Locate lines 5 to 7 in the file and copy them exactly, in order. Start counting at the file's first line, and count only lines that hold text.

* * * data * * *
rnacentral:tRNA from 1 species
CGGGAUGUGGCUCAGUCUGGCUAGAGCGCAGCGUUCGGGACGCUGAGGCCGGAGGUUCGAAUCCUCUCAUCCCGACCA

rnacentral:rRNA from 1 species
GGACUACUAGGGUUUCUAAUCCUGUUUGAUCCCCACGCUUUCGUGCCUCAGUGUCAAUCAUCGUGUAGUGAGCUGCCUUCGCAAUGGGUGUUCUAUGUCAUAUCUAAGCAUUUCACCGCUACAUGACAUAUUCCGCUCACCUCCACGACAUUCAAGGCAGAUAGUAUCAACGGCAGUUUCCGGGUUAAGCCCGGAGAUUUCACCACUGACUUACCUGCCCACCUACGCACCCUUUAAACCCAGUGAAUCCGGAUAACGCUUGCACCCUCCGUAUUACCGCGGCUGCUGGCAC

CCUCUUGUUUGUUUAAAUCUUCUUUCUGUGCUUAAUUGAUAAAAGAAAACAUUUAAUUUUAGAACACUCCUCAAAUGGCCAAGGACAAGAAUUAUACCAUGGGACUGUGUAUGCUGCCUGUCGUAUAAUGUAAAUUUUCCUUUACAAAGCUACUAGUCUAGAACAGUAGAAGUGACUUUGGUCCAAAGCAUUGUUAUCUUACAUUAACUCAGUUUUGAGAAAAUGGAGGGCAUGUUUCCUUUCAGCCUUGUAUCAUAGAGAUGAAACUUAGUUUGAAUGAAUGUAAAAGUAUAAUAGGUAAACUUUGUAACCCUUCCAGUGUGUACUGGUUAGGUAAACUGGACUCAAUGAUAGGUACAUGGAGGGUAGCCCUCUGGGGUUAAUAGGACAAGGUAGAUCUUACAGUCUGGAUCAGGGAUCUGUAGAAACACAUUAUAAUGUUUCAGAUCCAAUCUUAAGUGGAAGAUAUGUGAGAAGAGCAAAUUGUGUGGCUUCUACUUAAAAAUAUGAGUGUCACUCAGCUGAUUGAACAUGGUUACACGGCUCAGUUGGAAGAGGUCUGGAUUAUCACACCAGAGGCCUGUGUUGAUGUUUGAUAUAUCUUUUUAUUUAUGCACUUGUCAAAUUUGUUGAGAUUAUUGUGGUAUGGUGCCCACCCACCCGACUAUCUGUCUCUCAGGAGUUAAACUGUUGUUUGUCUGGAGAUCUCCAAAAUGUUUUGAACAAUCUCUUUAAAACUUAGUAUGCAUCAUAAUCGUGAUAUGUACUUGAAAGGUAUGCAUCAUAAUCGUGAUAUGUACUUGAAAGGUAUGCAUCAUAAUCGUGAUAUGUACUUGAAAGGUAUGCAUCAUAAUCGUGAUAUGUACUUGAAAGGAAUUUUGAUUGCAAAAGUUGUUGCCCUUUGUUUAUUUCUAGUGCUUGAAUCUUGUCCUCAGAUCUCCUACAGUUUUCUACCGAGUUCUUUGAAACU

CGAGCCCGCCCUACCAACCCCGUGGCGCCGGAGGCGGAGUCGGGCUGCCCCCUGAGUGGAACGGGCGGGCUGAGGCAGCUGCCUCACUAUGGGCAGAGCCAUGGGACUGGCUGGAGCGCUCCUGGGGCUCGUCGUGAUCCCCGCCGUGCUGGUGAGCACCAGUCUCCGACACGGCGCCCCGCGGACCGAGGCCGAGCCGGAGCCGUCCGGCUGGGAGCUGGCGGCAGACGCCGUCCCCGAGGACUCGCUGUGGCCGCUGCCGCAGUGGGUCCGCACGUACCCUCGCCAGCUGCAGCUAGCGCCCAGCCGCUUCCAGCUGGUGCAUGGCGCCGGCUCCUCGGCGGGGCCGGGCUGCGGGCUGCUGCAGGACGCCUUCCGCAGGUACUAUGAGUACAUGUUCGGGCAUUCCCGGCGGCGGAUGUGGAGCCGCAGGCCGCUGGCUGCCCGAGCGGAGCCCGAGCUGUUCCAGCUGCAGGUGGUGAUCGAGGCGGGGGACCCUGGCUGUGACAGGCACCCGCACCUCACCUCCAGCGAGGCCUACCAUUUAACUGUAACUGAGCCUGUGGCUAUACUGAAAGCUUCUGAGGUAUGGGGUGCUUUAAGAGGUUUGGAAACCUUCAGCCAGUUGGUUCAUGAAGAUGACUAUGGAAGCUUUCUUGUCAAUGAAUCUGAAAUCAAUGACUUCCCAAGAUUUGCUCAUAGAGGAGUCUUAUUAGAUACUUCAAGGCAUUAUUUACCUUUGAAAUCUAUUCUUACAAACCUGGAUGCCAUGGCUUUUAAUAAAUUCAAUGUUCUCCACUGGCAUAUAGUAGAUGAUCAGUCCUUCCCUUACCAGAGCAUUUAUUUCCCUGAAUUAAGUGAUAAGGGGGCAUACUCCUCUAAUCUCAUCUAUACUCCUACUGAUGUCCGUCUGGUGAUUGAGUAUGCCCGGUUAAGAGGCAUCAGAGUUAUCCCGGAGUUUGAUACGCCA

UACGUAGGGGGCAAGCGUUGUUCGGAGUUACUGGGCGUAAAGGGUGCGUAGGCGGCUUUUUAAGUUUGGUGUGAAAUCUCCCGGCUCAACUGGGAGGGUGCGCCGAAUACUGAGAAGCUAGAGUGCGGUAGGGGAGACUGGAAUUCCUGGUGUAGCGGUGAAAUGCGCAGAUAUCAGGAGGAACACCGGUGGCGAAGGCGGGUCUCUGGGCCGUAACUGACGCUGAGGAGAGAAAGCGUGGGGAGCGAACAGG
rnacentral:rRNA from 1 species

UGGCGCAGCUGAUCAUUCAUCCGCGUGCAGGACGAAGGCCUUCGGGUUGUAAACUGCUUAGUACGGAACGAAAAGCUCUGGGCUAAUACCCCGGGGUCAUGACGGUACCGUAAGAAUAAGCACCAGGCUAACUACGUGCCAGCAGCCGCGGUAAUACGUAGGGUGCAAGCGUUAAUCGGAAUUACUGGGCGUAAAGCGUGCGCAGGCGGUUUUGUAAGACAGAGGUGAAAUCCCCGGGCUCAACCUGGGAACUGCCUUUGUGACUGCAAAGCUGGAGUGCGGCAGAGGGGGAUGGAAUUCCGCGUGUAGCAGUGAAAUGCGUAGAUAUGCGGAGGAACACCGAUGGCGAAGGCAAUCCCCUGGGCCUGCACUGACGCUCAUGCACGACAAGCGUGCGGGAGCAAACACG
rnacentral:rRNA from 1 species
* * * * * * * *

CCUCUUGUUUGUUUAAAUCUUCUUUCUGUGCUUAAUUGAUAAAAGAAAACAUUUAAUUUUAGAACACUCCUCAAAUGGCCAAGGACAAGAAUUAUACCAUGGGACUGUGUAUGCUGCCUGUCGUAUAAUGUAAAUUUUCCUUUACAAAGCUACUAGUCUAGAACAGUAGAAGUGACUUUGGUCCAAAGCAUUGUUAUCUUACAUUAACUCAGUUUUGAGAAAAUGGAGGGCAUGUUUCCUUUCAGCCUUGUAUCAUAGAGAUGAAACUUAGUUUGAAUGAAUGUAAAAGUAUAAUAGGUAAACUUUGUAACCCUUCCAGUGUGUACUGGUUAGGUAAACUGGACUCAAUGAUAGGUACAUGGAGGGUAGCCCUCUGGGGUUAAUAGGACAAGGUAGAUCUUACAGUCUGGAUCAGGGAUCUGUAGAAACACAUUAUAAUGUUUCAGAUCCAAUCUUAAGUGGAAGAUAUGUGAGAAGAGCAAAUUGUGUGGCUUCUACUUAAAAAUAUGAGUGUCACUCAGCUGAUUGAACAUGGUUACACGGCUCAGUUGGAAGAGGUCUGGAUUAUCACACCAGAGGCCUGUGUUGAUGUUUGAUAUAUCUUUUUAUUUAUGCACUUGUCAAAUUUGUUGAGAUUAUUGUGGUAUGGUGCCCACCCACCCGACUAUCUGUCUCUCAGGAGUUAAACUGUUGUUUGUCUGGAGAUCUCCAAAAUGUUUUGAACAAUCUCUUUAAAACUUAGUAUGCAUCAUAAUCGUGAUAUGUACUUGAAAGGUAUGCAUCAUAAUCGUGAUAUGUACUUGAAAGGUAUGCAUCAUAAUCGUGAUAUGUACUUGAAAGGUAUGCAUCAUAAUCGUGAUAUGUACUUGAAAGGAAUUUUGAUUGCAAAAGUUGUUGCCCUUUGUUUAUUUCUAGUGCUUGAAUCUUGUCCUCAGAUCUCCUACAGUUUUCUACCGAGUUCUUUGAAACU

CGAGCCCGCCCUACCAACCCCGUGGCGCCGGAGGCGGAGUCGGGCUGCCCCCUGAGUGGAACGGGCGGGCUGAGGCAGCUGCCUCACUAUGGGCAGAGCCAUGGGACUGGCUGGAGCGCUCCUGGGGCUCGUCGUGAUCCCCGCCGUGCUGGUGAGCACCAGUCUCCGACACGGCGCCCCGCGGACCGAGGCCGAGCCGGAGCCGUCCGGCUGGGAGCUGGCGGCAGACGCCGUCCCCGAGGACUCGCUGUGGCCGCUGCCGCAGUGGGUCCGCACGUACCCUCGCCAGCUGCAGCUAGCGCCCAGCCGCUUCCAGCUGGUGCAUGGCGCCGGCUCCUCGGCGGGGCCGGGCUGCGGGCUGCUGCAGGACGCCUUCCGCAGGUACUAUGAGUACAUGUUCGGGCAUUCCCGGCGGCGGAUGUGGAGCCGCAGGCCGCUGGCUGCCCGAGCGGAGCCCGAGCUGUUCCAGCUGCAGGUGGUGAUCGAGGCGGGGGACCCUGGCUGUGACAGGCACCCGCACCUCACCUCCAGCGAGGCCUACCAUUUAACUGUAACUGAGCCUGUGGCUAUACUGAAAGCUUCUGAGGUAUGGGGUGCUUUAAGAGGUUUGGAAACCUUCAGCCAGUUGGUUCAUGAAGAUGACUAUGGAAGCUUUCUUGUCAAUGAAUCUGAAAUCAAUGACUUCCCAAGAUUUGCUCAUAGAGGAGUCUUAUUAGAUACUUCAAGGCAUUAUUUACCUUUGAAAUCUAUUCUUACAAACCUGGAUGCCAUGGCUUUUAAUAAAUUCAAUGUUCUCCACUGGCAUAUAGUAGAUGAUCAGUCCUUCCCUUACCAGAGCAUUUAUUUCCCUGAAUUAAGUGAUAAGGGGGCAUACUCCUCUAAUCUCAUCUAUACUCCUACUGAUGUCCGUCUGGUGAUUGAGUAUGCCCGGUUAAGAGGCAUCAGAGUUAUCCCGGAGUUUGAUACGCCA

UACGUAGGGGGCAAGCGUUGUUCGGAGUUACUGGGCGUAAAGGGUGCGUAGGCGGCUUUUUAAGUUUGGUGUGAAAUCUCCCGGCUCAACUGGGAGGGUGCGCCGAAUACUGAGAAGCUAGAGUGCGGUAGGGGAGACUGGAAUUCCUGGUGUAGCGGUGAAAUGCGCAGAUAUCAGGAGGAACACCGGUGGCGAAGGCGGGUCUCUGGGCCGUAACUGACGCUGAGGAGAGAAAGCGUGGGGAGCGAACAGG